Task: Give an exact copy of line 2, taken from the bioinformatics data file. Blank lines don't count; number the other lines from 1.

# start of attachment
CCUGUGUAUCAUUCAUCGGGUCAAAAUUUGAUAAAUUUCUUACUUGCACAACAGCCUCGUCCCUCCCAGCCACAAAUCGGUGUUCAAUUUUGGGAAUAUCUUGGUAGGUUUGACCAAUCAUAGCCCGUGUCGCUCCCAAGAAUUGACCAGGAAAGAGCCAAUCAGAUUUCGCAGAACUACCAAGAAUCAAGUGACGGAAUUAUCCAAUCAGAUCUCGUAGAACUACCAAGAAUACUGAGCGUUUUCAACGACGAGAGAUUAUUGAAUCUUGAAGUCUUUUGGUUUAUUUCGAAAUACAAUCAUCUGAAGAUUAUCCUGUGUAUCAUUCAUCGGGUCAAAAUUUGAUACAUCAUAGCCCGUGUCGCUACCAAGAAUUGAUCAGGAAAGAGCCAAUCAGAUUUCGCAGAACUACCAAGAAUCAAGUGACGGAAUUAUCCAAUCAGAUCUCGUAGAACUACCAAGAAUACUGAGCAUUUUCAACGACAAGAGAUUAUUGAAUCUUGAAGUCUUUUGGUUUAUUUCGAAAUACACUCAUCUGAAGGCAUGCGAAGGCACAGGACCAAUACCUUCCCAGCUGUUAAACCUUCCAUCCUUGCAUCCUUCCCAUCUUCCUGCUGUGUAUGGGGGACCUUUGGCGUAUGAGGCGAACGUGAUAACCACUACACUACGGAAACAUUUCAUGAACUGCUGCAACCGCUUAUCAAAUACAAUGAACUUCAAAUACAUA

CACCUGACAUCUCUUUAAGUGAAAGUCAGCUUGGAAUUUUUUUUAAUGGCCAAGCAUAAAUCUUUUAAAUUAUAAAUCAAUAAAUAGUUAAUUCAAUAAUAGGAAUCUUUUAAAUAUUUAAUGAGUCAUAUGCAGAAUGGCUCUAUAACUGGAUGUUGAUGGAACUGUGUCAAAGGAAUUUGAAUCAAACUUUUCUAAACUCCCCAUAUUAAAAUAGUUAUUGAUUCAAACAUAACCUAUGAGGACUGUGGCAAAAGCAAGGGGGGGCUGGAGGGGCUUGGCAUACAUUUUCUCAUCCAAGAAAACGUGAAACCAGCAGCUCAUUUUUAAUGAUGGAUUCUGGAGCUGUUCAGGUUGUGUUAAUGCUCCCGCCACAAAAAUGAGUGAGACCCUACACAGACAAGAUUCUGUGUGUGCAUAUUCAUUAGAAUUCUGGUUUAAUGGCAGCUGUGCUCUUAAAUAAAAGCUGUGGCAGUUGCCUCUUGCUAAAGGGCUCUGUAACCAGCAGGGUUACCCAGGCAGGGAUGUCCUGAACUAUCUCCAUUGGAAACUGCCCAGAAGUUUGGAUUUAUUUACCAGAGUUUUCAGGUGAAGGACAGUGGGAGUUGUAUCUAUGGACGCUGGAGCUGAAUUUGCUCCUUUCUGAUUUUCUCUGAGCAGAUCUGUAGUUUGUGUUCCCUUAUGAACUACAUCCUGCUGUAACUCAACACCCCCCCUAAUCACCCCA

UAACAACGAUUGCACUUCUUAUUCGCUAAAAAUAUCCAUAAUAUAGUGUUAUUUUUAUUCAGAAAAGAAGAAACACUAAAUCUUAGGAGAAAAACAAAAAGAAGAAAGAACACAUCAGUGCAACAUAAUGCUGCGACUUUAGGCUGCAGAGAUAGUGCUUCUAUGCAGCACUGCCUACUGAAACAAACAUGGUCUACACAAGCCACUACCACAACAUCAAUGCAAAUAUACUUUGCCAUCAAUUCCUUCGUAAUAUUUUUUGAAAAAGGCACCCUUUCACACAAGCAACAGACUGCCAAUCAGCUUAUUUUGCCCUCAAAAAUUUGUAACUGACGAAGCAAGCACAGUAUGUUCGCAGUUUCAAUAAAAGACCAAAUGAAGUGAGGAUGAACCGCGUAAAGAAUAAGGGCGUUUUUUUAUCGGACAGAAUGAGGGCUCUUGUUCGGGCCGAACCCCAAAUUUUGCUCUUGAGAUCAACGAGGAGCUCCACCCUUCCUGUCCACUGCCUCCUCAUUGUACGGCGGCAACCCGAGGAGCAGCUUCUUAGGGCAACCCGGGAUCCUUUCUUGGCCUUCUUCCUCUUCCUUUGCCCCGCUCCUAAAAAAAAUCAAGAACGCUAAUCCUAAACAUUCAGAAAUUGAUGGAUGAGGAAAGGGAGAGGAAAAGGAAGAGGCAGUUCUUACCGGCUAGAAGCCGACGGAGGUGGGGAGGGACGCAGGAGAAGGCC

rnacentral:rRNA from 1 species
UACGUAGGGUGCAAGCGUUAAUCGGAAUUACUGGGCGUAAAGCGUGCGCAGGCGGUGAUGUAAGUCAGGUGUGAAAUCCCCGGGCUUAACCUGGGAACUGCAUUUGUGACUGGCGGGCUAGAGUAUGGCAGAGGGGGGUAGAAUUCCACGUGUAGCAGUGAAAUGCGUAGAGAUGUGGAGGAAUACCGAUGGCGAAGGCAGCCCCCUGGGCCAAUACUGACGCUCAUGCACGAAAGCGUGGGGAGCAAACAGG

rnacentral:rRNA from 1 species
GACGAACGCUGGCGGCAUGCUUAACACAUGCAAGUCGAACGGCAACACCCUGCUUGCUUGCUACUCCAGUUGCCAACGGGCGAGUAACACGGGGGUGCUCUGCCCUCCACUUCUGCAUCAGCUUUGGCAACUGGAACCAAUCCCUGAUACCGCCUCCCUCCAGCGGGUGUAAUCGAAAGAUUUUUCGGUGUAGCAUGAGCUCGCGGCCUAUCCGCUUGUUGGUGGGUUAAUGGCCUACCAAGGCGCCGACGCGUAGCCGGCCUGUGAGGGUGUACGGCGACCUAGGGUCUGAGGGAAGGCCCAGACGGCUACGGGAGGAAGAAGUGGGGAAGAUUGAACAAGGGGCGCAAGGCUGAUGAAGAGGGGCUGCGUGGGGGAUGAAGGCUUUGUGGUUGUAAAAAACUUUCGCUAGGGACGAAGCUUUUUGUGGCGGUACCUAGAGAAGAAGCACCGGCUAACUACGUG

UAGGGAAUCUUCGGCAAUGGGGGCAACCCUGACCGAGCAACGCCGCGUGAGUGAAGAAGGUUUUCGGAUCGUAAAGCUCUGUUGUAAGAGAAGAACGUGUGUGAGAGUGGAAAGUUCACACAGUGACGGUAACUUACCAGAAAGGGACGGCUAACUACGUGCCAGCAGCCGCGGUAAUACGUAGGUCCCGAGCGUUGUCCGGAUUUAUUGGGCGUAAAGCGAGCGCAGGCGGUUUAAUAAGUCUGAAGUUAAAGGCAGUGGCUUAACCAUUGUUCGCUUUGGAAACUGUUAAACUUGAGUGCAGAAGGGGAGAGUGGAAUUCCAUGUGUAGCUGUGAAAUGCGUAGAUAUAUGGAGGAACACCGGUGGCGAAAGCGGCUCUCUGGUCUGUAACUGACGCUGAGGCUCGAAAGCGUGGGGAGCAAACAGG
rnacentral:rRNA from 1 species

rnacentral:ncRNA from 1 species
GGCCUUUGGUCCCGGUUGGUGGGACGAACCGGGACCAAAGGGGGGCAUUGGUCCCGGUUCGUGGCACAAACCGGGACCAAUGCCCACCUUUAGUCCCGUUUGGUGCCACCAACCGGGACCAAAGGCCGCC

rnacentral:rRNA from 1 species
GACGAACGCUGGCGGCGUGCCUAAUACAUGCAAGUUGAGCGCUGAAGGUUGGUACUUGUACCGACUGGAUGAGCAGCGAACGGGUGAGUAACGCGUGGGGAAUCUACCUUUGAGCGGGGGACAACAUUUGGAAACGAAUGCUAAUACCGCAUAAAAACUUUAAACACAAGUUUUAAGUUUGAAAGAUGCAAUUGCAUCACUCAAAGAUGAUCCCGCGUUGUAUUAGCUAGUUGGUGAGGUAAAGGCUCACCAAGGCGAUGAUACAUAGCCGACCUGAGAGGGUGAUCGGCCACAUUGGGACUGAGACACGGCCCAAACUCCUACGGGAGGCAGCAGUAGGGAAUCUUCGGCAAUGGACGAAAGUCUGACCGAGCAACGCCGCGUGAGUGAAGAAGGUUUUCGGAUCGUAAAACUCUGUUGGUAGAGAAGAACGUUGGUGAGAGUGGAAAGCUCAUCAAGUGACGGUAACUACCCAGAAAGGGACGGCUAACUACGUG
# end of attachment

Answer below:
CACCUGACAUCUCUUUAAGUGAAAGUCAGCUUGGAAUUUUUUUUAAUGGCCAAGCAUAAAUCUUUUAAAUUAUAAAUCAAUAAAUAGUUAAUUCAAUAAUAGGAAUCUUUUAAAUAUUUAAUGAGUCAUAUGCAGAAUGGCUCUAUAACUGGAUGUUGAUGGAACUGUGUCAAAGGAAUUUGAAUCAAACUUUUCUAAACUCCCCAUAUUAAAAUAGUUAUUGAUUCAAACAUAACCUAUGAGGACUGUGGCAAAAGCAAGGGGGGGCUGGAGGGGCUUGGCAUACAUUUUCUCAUCCAAGAAAACGUGAAACCAGCAGCUCAUUUUUAAUGAUGGAUUCUGGAGCUGUUCAGGUUGUGUUAAUGCUCCCGCCACAAAAAUGAGUGAGACCCUACACAGACAAGAUUCUGUGUGUGCAUAUUCAUUAGAAUUCUGGUUUAAUGGCAGCUGUGCUCUUAAAUAAAAGCUGUGGCAGUUGCCUCUUGCUAAAGGGCUCUGUAACCAGCAGGGUUACCCAGGCAGGGAUGUCCUGAACUAUCUCCAUUGGAAACUGCCCAGAAGUUUGGAUUUAUUUACCAGAGUUUUCAGGUGAAGGACAGUGGGAGUUGUAUCUAUGGACGCUGGAGCUGAAUUUGCUCCUUUCUGAUUUUCUCUGAGCAGAUCUGUAGUUUGUGUUCCCUUAUGAACUACAUCCUGCUGUAACUCAACACCCCCCCUAAUCACCCCA